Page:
Yeltsin orders forces to end their fighting with Chechen rebels Peace effort appears to be campaign-season rehash of failed initiative

April 01, 1996|By LOS ANGELES TIMES

MOSCOW -- Russian President Boris N. Yeltsin ordered his troops yesterday to end combat actions against rebel Chechnya and announced that a phased withdrawal of federal forces will begin from areas of the breakaway republic already bludgeoned into submission.

But a simultaneous vow to continue fighting against "terrorist acts" suggested that Mr. Yeltsin's latest endeavor to stop the war he instigated 15 months ago was little more than a repackaging of failed initiatives from the past.

Mr. Yeltsin's campaign-season peace plan, disclosed during a taped address on national television, was prompted by his earlier admission that he cannot win re-election if the war that has claimed at least 20,000 lives is still raging.

Trailing his Communist opponent as the June 16 presidential election nears, Mr. Yeltsin had vowed to craft a fresh strategy for ending the bloodshed while keeping the secessionist southern republic within the Russian federation.

Although the 65-year-old president proclaimed a unilateral cease-fire starting at midnight yesterday, he sought to justify the federal military assaults in Chechnya as having "promoted the necessary prerequisites for a fundamental change in the situation."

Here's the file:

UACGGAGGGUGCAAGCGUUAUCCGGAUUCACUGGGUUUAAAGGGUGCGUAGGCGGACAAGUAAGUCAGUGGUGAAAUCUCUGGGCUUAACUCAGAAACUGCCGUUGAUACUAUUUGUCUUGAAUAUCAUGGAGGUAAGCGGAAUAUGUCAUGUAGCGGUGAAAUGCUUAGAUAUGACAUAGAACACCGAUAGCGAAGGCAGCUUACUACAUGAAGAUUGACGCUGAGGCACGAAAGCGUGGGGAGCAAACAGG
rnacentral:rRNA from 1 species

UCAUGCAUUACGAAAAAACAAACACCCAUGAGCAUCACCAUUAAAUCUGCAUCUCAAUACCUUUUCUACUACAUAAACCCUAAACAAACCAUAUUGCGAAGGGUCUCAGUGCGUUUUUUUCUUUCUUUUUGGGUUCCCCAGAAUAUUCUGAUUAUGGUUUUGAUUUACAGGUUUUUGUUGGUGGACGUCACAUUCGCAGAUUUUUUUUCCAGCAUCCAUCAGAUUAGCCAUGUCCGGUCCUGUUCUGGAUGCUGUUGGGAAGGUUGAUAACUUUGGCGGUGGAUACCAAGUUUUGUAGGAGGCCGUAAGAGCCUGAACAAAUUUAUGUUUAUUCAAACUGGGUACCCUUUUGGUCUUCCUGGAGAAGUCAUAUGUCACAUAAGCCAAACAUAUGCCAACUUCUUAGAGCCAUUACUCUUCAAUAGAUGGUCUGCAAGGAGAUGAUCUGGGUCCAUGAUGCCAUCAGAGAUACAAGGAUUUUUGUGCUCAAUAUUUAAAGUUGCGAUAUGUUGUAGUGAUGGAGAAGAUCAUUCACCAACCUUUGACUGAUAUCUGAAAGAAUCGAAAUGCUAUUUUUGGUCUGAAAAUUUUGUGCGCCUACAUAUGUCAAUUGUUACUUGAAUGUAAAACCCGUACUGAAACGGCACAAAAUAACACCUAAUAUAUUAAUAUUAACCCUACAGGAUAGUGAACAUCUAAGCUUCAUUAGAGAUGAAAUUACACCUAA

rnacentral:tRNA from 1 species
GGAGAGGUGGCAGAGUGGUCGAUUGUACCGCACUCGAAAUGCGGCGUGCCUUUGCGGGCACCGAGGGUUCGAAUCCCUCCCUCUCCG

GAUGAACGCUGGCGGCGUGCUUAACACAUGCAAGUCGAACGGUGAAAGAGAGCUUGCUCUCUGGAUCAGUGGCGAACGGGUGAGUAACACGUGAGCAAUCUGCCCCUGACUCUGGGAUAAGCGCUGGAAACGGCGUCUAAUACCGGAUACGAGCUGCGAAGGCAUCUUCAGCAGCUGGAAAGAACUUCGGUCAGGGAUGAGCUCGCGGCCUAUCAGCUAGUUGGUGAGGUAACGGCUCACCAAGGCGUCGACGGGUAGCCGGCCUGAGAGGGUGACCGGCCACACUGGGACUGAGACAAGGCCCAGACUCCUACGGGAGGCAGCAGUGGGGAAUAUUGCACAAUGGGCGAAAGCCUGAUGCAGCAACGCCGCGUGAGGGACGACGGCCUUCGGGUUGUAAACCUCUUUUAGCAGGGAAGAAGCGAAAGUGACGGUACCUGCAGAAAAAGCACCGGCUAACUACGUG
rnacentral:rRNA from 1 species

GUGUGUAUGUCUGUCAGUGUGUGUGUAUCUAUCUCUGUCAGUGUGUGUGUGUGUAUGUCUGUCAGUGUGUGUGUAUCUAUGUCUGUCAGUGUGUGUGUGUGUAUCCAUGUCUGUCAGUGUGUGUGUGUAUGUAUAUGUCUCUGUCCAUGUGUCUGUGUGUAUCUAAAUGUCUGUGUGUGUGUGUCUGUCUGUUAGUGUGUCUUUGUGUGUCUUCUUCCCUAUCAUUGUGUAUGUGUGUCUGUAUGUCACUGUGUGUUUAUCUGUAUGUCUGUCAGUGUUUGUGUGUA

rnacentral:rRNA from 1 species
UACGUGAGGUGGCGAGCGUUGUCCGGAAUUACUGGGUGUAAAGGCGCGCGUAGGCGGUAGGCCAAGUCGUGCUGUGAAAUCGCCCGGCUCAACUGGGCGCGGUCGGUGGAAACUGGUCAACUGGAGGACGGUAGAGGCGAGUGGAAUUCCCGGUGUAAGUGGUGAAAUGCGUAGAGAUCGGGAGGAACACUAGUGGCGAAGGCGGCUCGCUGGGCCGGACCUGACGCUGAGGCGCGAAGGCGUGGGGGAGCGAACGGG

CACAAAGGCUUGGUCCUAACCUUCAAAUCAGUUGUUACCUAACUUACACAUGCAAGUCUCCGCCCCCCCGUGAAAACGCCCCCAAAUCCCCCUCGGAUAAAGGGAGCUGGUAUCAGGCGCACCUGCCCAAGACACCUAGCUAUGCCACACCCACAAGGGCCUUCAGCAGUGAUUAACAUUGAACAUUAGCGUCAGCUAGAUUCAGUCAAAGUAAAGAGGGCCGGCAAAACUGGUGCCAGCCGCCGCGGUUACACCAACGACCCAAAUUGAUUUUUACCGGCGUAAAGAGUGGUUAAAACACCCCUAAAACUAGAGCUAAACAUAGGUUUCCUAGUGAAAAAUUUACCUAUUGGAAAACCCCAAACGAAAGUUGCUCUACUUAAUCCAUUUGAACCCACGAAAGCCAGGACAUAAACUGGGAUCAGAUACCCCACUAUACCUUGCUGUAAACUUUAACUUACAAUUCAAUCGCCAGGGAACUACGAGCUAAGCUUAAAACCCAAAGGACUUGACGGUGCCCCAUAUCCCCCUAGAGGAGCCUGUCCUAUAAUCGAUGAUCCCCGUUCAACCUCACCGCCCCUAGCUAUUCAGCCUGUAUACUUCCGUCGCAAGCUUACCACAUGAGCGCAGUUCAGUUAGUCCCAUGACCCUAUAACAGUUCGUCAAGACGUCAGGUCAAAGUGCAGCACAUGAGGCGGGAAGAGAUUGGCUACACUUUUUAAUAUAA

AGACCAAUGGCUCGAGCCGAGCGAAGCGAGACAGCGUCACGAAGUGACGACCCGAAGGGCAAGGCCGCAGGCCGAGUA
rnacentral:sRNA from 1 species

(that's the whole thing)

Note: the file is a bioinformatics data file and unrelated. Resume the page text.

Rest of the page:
The initiative departs from previous policy only in its offer to negotiate through intermediaries with fugitive Chechen leader Dzhokhar M. Dudayev.

Even that concession came grudgingly, with Mr. Yeltsin insisting to Russian journalists after his 20-minute address that it should in no way be interpreted as a "surrender" to a rebel leader whom he has often referred to as a criminal, a bandit and a terrorist.

However it is framed, the offer to negotiate may be too late.

Mr. Dudayev told Western reporters two weeks ago that he would spurn new negotiations with the Yeltsin regime because he had lost all trust in the current leadership and would rather see the Communists return to power.

Mr. Yeltsin's latest offer mostly reiterated proposals that have been on the table since July, when the Kremlin and Dudayev lieutenants agreed to a similar cease-fire and peace talks after a deadly hostage crisis in the southern Russian town of Budennovsk.

Now, as then, Moscow has offered local elections to allow the people of Chechnya to choose their own leaders, but without specifying when the vote could be held.

The current overture also repeats that Chechnya could win an unprecedented degree of autonomy from Moscow in the course of negotiations, a move that still falls short of Mr. Dudayev's demands for total independence.

Sporadic fighting has erupted in Chechnya since it became obvious within a few weeks of the July partial peace accord that federal authorities and rebel leaders could not agree on the republic's status. The Kremlin insists that Chechnya remain part of Russia, while Mr. Dudayev wants secession.

Previous cease-fires have failed to stop the fighting in Chechnya because they, like the one announced yesterday, leave federal troops in the region vulnerable to revenge attacks by rebels that have invariably provoked a return of fire.

Pub Date: 4/01/96

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